Complex Economic Systems and Astrobiology

"The evolution of the economy parallels the unentailed evolution of the biosphere as species create niches for one another, often adaption of the evolving biosphere. In both cases, like the garage filling up with ever newly invented “stuff” for jury-rigging, life creates its own staggering possibilities of future becoming." (Stuart Kauffman, 2019)

Macroeconomics studies the economy at the level of a country; and perhaps there is no coincidence that macroeconomics has developed during the 20th century, a century marred by world wars and cold wars and, overall, by the idea of nations and states and countries. But in the 21st century we are more and more embedded in a globalized world, borders and boundaries become more fluid and diffused, as information, money, people and resources find their way cross countries and cross cultures faster. New global issues, such as climate and ecological sustainability, rapid technological innovations in information technologies and not only, cyberspace and space industries, and many more, are nudging us to think globally, and actually both globally and locally, and not only at the level of a country. Perhaps it is time for a planetary level economic thinking. Perhaps it's time to think of the economy of planet Earth and to understand how the fundamental economic principles are perpetuating from the bottom up and across humans and other species too.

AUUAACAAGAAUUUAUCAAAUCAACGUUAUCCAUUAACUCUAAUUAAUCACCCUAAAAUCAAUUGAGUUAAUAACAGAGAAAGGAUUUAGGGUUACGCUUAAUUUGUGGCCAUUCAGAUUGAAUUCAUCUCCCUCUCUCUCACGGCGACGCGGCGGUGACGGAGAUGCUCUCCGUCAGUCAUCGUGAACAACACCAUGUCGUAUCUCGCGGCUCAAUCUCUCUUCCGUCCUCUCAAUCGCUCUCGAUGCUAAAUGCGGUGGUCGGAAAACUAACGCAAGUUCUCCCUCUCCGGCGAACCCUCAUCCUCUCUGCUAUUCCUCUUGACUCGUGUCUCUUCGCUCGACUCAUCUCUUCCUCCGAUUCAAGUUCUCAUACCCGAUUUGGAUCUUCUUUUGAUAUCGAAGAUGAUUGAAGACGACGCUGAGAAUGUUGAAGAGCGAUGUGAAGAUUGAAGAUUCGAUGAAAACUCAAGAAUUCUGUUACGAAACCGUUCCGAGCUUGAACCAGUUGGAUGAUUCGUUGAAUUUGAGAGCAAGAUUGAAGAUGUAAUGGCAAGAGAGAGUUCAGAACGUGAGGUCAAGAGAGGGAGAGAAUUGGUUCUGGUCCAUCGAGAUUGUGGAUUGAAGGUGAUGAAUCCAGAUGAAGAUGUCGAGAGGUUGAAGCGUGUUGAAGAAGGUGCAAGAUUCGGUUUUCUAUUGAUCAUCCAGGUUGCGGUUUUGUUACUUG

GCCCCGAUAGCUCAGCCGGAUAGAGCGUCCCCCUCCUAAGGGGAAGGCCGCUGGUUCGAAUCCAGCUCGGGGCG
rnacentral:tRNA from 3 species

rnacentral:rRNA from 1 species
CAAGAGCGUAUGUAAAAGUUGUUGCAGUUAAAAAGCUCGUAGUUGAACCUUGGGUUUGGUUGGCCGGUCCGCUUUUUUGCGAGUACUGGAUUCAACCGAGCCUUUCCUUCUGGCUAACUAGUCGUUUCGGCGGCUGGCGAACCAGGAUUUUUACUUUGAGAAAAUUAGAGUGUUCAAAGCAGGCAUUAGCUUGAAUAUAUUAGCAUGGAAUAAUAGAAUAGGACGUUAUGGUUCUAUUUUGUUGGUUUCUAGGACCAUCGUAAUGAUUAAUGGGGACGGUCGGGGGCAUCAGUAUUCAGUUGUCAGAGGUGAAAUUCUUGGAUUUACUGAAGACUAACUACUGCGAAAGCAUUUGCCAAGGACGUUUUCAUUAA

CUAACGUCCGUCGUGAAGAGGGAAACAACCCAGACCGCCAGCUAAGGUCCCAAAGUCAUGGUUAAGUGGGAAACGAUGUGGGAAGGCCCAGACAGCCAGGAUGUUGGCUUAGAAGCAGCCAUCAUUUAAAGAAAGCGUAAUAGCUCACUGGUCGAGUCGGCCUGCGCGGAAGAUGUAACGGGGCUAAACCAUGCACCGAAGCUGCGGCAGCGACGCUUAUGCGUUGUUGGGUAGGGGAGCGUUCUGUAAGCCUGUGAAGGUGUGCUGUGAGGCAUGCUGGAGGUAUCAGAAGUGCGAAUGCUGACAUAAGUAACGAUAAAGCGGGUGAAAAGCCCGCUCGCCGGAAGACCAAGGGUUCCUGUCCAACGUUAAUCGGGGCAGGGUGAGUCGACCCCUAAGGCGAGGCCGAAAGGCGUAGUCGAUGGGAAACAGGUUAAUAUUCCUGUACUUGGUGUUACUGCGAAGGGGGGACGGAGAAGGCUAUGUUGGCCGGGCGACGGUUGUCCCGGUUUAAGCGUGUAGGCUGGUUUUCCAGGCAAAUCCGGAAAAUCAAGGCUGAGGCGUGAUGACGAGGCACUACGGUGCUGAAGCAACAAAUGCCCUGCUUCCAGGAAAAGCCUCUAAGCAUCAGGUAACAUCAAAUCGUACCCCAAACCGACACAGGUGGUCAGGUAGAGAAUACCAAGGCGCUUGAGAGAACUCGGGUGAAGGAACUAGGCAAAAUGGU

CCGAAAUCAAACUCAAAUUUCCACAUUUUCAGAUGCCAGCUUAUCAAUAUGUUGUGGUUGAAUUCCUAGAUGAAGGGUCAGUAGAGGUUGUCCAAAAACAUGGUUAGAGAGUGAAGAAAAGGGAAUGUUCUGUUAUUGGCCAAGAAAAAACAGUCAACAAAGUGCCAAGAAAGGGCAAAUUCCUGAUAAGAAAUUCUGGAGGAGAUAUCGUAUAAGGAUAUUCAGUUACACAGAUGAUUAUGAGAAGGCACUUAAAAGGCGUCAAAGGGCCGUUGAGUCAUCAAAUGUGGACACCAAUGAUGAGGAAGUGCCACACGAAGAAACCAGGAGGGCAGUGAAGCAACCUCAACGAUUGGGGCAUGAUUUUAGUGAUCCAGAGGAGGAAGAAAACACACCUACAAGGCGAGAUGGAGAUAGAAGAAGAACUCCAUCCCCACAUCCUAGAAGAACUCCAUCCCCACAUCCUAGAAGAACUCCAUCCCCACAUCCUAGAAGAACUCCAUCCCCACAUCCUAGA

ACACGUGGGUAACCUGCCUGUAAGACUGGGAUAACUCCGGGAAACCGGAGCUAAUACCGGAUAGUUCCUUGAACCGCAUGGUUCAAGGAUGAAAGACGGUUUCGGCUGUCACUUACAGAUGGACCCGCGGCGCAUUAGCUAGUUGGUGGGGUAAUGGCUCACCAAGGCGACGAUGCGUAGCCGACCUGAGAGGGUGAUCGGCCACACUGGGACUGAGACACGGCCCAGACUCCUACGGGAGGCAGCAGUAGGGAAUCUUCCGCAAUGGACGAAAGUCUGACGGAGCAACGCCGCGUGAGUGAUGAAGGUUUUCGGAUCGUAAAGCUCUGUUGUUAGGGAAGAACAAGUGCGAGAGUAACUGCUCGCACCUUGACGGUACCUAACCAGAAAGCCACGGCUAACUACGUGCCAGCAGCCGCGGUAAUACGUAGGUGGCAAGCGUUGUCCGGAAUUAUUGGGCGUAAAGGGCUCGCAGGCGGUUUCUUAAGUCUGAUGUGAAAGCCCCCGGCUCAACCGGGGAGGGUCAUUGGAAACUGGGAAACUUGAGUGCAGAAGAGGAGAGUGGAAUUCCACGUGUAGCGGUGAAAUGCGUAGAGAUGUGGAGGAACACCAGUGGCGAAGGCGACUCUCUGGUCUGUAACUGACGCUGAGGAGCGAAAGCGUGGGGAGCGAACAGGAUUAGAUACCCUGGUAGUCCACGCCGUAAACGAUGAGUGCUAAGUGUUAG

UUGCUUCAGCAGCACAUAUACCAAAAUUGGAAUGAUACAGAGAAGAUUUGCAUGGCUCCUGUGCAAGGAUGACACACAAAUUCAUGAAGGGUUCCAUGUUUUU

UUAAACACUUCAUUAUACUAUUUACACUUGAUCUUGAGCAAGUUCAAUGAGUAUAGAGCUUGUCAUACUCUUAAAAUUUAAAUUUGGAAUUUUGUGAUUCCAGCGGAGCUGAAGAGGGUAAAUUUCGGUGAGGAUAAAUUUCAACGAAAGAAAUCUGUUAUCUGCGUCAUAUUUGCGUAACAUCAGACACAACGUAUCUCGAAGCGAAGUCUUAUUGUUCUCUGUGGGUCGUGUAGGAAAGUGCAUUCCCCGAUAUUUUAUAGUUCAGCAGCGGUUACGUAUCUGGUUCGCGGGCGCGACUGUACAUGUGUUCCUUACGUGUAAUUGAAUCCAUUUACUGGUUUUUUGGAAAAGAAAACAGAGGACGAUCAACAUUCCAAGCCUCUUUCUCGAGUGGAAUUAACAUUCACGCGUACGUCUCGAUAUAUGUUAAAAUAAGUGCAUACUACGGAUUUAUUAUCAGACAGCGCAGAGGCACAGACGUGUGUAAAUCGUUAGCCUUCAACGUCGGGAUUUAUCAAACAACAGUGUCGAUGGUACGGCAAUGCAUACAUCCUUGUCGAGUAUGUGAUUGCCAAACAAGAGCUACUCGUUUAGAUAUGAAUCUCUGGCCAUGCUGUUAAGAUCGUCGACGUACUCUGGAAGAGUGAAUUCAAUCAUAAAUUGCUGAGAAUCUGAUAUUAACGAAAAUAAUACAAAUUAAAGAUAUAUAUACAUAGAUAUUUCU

The field of complex systems has been largely inspired by biology, as a departure in our way of thinking about societies and life on our planet, that is distinct from the way we are thinking about physical systems, which are more deterministic and governed by strict laws. Life on our planet is incredibly diverse from our own perspective, but at the same time all life functions based on fundamental principles that are the same across this diversity. Living systems highly depend on (and alter them too) their physical environments, but what is more complex about living systems is that they change and adapt to their communities and to other species as well. In other words, the diversity of life on our planet comes not only from the diversity of species, but also from the diversity of interactions they have among themselves. Such complex systems can be inherently non-deterministic, but at the same time the macro level behavior renders patterns and emergent behaviors that are characteristic to life alone. Human societies are no exception.

"All simplifying assumptions are too complicated". (SELF-ANNIHILATING SENTENCES - Saul Gorn's Compendium Of Rarely Used Cliches, 1985)